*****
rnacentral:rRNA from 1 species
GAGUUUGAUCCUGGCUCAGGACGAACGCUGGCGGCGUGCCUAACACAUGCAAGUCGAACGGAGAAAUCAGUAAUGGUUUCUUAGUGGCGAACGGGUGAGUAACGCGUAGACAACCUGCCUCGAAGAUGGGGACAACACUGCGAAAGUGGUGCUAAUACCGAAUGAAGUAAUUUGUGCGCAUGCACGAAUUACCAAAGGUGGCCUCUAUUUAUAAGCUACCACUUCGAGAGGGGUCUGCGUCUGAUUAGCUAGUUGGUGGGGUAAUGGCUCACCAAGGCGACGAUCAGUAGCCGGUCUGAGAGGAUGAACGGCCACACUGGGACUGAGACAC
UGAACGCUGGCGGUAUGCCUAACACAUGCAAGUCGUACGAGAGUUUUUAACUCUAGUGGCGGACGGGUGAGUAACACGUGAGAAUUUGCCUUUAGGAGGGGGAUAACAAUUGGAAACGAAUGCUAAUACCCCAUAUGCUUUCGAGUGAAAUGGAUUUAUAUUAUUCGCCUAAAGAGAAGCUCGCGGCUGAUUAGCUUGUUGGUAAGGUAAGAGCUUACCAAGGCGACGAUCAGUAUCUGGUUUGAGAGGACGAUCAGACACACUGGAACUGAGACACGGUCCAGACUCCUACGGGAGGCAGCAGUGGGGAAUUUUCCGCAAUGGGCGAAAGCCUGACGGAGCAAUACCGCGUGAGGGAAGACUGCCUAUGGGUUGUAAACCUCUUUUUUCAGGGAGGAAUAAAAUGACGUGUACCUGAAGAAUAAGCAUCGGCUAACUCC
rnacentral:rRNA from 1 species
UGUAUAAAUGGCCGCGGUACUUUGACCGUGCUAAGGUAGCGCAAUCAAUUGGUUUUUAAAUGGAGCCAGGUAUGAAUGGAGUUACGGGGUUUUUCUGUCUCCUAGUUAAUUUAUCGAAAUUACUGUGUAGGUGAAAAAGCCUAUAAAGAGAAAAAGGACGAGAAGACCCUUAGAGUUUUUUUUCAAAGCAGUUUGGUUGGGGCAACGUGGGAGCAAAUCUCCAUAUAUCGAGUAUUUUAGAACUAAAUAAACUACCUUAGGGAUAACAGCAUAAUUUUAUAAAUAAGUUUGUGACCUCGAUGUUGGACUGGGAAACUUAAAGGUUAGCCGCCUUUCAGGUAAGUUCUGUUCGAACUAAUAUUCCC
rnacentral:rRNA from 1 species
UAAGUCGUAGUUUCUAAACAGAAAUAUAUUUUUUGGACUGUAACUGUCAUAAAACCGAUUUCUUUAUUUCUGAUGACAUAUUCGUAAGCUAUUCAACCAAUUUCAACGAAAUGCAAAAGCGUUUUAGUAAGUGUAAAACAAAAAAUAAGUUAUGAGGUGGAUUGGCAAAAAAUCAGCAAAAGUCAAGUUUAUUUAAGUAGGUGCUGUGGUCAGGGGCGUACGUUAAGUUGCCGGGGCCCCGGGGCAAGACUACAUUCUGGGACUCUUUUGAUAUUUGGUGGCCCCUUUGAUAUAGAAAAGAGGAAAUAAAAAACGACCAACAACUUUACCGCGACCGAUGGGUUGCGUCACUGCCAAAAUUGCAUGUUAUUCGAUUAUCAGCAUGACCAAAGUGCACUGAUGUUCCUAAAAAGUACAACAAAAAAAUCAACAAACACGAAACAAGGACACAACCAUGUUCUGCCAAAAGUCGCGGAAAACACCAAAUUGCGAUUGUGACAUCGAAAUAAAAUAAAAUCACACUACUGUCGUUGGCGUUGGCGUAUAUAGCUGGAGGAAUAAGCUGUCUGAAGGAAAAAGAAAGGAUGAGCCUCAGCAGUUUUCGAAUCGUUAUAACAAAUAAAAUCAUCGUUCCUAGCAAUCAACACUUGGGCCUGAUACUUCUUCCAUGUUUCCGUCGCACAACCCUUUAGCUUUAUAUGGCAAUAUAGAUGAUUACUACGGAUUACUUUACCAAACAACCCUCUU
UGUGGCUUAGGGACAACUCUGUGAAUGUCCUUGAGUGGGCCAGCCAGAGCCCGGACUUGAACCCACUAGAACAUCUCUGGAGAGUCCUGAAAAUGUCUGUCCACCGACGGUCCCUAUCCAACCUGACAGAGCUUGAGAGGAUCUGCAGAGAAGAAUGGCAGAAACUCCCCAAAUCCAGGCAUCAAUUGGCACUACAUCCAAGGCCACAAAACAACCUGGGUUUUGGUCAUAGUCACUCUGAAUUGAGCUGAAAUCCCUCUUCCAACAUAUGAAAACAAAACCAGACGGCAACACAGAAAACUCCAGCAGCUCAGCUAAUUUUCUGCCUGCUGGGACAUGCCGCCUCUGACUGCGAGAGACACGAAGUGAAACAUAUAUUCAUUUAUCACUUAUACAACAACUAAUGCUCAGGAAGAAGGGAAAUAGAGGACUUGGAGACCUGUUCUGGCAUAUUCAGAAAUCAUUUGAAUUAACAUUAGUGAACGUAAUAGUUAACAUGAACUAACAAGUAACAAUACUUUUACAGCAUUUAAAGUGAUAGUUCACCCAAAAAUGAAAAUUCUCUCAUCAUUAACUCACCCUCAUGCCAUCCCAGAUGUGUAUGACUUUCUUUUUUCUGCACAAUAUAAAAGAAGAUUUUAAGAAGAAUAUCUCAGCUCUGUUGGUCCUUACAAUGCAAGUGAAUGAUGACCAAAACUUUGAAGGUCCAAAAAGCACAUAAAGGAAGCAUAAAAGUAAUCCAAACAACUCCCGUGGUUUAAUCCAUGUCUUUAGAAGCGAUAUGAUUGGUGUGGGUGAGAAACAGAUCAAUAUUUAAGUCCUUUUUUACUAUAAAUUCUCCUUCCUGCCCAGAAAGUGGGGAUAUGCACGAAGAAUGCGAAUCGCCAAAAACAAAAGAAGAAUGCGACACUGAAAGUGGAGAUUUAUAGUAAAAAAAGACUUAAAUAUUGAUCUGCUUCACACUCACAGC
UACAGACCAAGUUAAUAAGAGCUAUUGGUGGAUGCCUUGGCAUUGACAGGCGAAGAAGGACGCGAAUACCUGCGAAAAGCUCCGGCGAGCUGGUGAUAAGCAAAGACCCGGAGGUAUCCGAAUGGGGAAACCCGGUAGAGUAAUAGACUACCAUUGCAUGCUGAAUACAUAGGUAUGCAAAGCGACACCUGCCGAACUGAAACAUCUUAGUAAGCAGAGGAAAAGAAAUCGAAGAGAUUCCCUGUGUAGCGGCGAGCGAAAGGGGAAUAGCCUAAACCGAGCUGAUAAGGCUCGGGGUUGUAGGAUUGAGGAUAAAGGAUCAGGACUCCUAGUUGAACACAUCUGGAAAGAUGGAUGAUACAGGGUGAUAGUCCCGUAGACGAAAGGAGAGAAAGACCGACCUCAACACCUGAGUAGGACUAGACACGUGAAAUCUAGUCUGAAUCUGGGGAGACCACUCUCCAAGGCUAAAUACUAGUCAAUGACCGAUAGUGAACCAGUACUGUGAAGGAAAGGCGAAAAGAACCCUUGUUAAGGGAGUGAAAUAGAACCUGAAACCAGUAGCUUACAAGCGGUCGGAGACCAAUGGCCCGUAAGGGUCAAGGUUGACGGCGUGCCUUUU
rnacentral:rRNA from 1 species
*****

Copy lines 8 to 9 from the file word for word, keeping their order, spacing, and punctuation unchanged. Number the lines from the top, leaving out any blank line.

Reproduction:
UGUGGCUUAGGGACAACUCUGUGAAUGUCCUUGAGUGGGCCAGCCAGAGCCCGGACUUGAACCCACUAGAACAUCUCUGGAGAGUCCUGAAAAUGUCUGUCCACCGACGGUCCCUAUCCAACCUGACAGAGCUUGAGAGGAUCUGCAGAGAAGAAUGGCAGAAACUCCCCAAAUCCAGGCAUCAAUUGGCACUACAUCCAAGGCCACAAAACAACCUGGGUUUUGGUCAUAGUCACUCUGAAUUGAGCUGAAAUCCCUCUUCCAACAUAUGAAAACAAAACCAGACGGCAACACAGAAAACUCCAGCAGCUCAGCUAAUUUUCUGCCUGCUGGGACAUGCCGCCUCUGACUGCGAGAGACACGAAGUGAAACAUAUAUUCAUUUAUCACUUAUACAACAACUAAUGCUCAGGAAGAAGGGAAAUAGAGGACUUGGAGACCUGUUCUGGCAUAUUCAGAAAUCAUUUGAAUUAACAUUAGUGAACGUAAUAGUUAACAUGAACUAACAAGUAACAAUACUUUUACAGCAUUUAAAGUGAUAGUUCACCCAAAAAUGAAAAUUCUCUCAUCAUUAACUCACCCUCAUGCCAUCCCAGAUGUGUAUGACUUUCUUUUUUCUGCACAAUAUAAAAGAAGAUUUUAAGAAGAAUAUCUCAGCUCUGUUGGUCCUUACAAUGCAAGUGAAUGAUGACCAAAACUUUGAAGGUCCAAAAAGCACAUAAAGGAAGCAUAAAAGUAAUCCAAACAACUCCCGUGGUUUAAUCCAUGUCUUUAGAAGCGAUAUGAUUGGUGUGGGUGAGAAACAGAUCAAUAUUUAAGUCCUUUUUUACUAUAAAUUCUCCUUCCUGCCCAGAAAGUGGGGAUAUGCACGAAGAAUGCGAAUCGCCAAAAACAAAAGAAGAAUGCGACACUGAAAGUGGAGAUUUAUAGUAAAAAAAGACUUAAAUAUUGAUCUGCUUCACACUCACAGC
UACAGACCAAGUUAAUAAGAGCUAUUGGUGGAUGCCUUGGCAUUGACAGGCGAAGAAGGACGCGAAUACCUGCGAAAAGCUCCGGCGAGCUGGUGAUAAGCAAAGACCCGGAGGUAUCCGAAUGGGGAAACCCGGUAGAGUAAUAGACUACCAUUGCAUGCUGAAUACAUAGGUAUGCAAAGCGACACCUGCCGAACUGAAACAUCUUAGUAAGCAGAGGAAAAGAAAUCGAAGAGAUUCCCUGUGUAGCGGCGAGCGAAAGGGGAAUAGCCUAAACCGAGCUGAUAAGGCUCGGGGUUGUAGGAUUGAGGAUAAAGGAUCAGGACUCCUAGUUGAACACAUCUGGAAAGAUGGAUGAUACAGGGUGAUAGUCCCGUAGACGAAAGGAGAGAAAGACCGACCUCAACACCUGAGUAGGACUAGACACGUGAAAUCUAGUCUGAAUCUGGGGAGACCACUCUCCAAGGCUAAAUACUAGUCAAUGACCGAUAGUGAACCAGUACUGUGAAGGAAAGGCGAAAAGAACCCUUGUUAAGGGAGUGAAAUAGAACCUGAAACCAGUAGCUUACAAGCGGUCGGAGACCAAUGGCCCGUAAGGGUCAAGGUUGACGGCGUGCCUUUU